Last Monday, the international book fair in Frankfurt ended. About 278,000 visitors in five days and 7,000 exhibitors were part of the largest book fair in the world. This year, the fair was politically targeted. Apart from the developments in Turkey, the European crisis was also at the centre of the debates. Right wing publishers, which found themselves tolerated by the organizers of the book fair, encouraged protest. France was Guest Country of Honour this year but a guided tour through their pavilion informed us that actually, it was not the country but rather the French language celebrated. Belgium, Luxemburg, Switzerland – but where were the francophone counties of Africa? In hall 5.1 we then met a small number of publishers from the continent, such as Amalion Publishing from Senegal for example. Their high-quality books by authors from all over West Africa were unfortunately not part of the debate that took place on African publishing on Friday. Publishers from Guinea, Rwanda and Germany came together on a panel. They focussed on the problems in African countries rather than on the growing markets or middleclass. When unverified numbers about the literacy rate in “all African schools” were put out there, it caused an uproar in the audience. Africa was once again homogeneous and apart from that one event, sadly it was not present in Frankfurt. Nnedi Okorafor was one of the very few authors adding an (US-American-) African perspective to the fair.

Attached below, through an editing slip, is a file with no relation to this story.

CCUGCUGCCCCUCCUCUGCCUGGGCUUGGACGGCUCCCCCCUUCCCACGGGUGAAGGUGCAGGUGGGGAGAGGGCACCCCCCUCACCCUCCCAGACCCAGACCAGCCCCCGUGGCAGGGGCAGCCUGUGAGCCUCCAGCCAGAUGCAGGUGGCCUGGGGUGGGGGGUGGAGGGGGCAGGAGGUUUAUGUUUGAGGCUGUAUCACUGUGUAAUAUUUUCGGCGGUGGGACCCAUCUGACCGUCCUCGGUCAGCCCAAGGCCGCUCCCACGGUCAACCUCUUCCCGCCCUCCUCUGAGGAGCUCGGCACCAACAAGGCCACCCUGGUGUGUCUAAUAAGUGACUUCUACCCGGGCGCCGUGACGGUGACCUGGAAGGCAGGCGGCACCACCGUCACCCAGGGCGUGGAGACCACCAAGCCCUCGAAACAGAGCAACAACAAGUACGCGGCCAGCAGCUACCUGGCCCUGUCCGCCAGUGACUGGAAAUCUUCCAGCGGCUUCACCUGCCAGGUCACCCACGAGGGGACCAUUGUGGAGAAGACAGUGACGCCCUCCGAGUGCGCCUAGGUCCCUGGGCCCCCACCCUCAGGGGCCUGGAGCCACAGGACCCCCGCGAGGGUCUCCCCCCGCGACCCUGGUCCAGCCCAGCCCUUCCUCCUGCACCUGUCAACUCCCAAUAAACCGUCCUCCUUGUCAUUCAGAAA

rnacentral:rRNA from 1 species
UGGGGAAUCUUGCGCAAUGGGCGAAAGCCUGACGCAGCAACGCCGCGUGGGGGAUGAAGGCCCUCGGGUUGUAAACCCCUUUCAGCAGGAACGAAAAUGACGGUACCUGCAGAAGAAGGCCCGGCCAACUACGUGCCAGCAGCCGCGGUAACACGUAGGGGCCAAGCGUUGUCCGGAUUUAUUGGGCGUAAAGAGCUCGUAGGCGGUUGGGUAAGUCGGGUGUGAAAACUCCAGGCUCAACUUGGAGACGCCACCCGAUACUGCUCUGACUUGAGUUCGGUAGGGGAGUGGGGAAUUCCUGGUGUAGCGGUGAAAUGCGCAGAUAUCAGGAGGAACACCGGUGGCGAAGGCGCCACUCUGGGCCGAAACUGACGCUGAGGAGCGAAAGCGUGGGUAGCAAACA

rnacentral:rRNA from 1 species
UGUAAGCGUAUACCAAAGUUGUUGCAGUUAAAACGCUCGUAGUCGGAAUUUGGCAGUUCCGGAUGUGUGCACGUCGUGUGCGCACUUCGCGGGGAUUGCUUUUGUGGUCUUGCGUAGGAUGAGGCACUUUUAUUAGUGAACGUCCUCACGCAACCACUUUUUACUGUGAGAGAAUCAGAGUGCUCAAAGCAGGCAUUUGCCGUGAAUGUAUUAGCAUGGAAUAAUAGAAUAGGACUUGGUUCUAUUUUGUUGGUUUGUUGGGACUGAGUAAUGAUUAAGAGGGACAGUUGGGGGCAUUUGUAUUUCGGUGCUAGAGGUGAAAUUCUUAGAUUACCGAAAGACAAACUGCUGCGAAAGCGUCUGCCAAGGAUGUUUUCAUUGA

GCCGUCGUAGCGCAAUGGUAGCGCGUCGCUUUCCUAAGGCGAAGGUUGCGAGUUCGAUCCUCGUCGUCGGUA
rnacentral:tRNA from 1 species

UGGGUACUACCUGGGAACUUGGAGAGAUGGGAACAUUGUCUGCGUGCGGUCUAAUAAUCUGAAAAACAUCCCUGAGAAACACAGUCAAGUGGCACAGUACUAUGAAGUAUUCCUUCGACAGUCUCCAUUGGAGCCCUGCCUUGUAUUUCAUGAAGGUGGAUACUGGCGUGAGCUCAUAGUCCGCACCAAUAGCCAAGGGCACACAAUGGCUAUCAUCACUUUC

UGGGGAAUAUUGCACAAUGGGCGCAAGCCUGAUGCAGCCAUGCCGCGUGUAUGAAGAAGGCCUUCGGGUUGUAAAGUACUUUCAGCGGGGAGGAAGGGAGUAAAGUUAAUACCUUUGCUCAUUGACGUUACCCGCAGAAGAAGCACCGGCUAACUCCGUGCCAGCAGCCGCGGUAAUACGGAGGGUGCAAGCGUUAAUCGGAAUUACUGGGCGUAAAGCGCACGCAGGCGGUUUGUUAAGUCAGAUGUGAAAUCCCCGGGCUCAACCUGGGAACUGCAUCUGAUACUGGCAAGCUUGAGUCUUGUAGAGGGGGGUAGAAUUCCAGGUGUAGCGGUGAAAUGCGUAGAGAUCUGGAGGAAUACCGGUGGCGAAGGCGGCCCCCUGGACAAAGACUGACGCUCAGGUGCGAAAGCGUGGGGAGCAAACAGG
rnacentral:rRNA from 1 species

On behalf of the Nigeria Embassy, InterKontinental organized a round table talk on Saturday, exploring possibilities of a larger visibility of African literature in Germany. Especially a meeting between H.E. Ambassador Yusuf Tuggar and Director Jürgen Boos gives hope for an individual Guest Country of Honour from the African continent – a literary chance for true diversity at the fair.

Jürgen Boos meets H.E. Ambassador Yusuf Tuggar (© Claudia Kaiser)

 

 

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